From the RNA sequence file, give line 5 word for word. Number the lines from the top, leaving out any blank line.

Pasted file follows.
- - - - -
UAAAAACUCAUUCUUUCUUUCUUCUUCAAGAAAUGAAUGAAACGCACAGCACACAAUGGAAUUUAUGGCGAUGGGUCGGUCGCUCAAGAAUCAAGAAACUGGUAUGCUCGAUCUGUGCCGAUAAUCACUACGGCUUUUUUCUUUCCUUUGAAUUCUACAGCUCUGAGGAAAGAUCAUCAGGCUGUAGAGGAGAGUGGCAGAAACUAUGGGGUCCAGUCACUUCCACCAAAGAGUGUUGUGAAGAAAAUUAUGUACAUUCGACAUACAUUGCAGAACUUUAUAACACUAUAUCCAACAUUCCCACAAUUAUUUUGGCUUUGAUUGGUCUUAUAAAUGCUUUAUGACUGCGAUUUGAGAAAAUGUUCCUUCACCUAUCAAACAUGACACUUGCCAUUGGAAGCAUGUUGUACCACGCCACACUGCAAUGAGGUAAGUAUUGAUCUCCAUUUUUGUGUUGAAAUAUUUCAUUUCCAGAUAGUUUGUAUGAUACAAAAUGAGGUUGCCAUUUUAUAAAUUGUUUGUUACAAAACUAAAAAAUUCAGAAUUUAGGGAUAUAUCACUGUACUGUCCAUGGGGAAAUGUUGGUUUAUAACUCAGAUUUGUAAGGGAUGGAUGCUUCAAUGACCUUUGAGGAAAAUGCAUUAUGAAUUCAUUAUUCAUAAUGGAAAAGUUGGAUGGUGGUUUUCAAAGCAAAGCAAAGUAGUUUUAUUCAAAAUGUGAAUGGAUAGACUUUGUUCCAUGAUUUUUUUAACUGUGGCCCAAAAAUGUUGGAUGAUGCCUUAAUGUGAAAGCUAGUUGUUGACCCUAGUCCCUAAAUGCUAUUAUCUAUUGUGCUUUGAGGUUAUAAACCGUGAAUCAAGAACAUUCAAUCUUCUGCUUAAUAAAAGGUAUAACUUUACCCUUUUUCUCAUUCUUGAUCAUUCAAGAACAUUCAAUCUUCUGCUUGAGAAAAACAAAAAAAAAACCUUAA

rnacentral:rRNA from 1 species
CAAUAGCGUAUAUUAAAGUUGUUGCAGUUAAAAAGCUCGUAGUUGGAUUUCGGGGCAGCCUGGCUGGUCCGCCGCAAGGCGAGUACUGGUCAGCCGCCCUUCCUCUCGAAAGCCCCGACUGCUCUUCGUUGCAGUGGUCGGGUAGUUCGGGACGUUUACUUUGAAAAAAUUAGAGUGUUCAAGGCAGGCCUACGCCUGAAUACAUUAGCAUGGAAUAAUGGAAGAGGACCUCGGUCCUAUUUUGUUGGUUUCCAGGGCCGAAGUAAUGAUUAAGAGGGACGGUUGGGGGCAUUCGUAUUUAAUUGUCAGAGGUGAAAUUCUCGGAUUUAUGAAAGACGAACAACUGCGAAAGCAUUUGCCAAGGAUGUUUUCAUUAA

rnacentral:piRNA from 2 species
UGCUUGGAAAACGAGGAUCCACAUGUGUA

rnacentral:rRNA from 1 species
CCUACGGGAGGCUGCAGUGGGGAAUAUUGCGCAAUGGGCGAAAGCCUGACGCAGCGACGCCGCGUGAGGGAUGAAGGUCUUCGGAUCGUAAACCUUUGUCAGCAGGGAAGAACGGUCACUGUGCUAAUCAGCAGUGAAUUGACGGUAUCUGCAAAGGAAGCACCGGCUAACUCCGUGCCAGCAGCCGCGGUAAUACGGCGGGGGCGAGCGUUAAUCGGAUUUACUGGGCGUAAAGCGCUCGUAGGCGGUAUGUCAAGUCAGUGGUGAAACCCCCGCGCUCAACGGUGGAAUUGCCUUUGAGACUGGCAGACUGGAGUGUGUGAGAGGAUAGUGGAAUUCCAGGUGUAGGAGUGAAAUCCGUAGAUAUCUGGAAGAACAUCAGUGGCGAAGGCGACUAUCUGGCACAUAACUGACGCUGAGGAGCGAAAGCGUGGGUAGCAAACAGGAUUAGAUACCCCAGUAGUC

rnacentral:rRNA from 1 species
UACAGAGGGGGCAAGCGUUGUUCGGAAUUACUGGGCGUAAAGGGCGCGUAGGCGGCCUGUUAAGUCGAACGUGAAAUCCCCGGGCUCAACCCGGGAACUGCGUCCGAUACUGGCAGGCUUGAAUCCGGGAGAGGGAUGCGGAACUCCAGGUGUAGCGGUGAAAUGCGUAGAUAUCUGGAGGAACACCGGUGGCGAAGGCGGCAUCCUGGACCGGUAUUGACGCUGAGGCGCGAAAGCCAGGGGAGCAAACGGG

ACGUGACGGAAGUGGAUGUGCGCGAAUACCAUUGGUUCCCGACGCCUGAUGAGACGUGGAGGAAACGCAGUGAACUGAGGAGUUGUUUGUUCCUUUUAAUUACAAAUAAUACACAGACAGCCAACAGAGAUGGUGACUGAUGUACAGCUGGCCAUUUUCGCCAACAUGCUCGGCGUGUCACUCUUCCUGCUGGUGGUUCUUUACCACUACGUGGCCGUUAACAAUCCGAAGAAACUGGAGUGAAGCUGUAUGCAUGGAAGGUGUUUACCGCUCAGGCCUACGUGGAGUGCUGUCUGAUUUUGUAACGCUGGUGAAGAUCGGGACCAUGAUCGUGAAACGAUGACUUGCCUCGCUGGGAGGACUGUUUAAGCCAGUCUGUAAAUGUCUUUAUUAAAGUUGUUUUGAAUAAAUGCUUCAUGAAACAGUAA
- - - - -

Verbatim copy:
UGCUUGGAAAACGAGGAUCCACAUGUGUA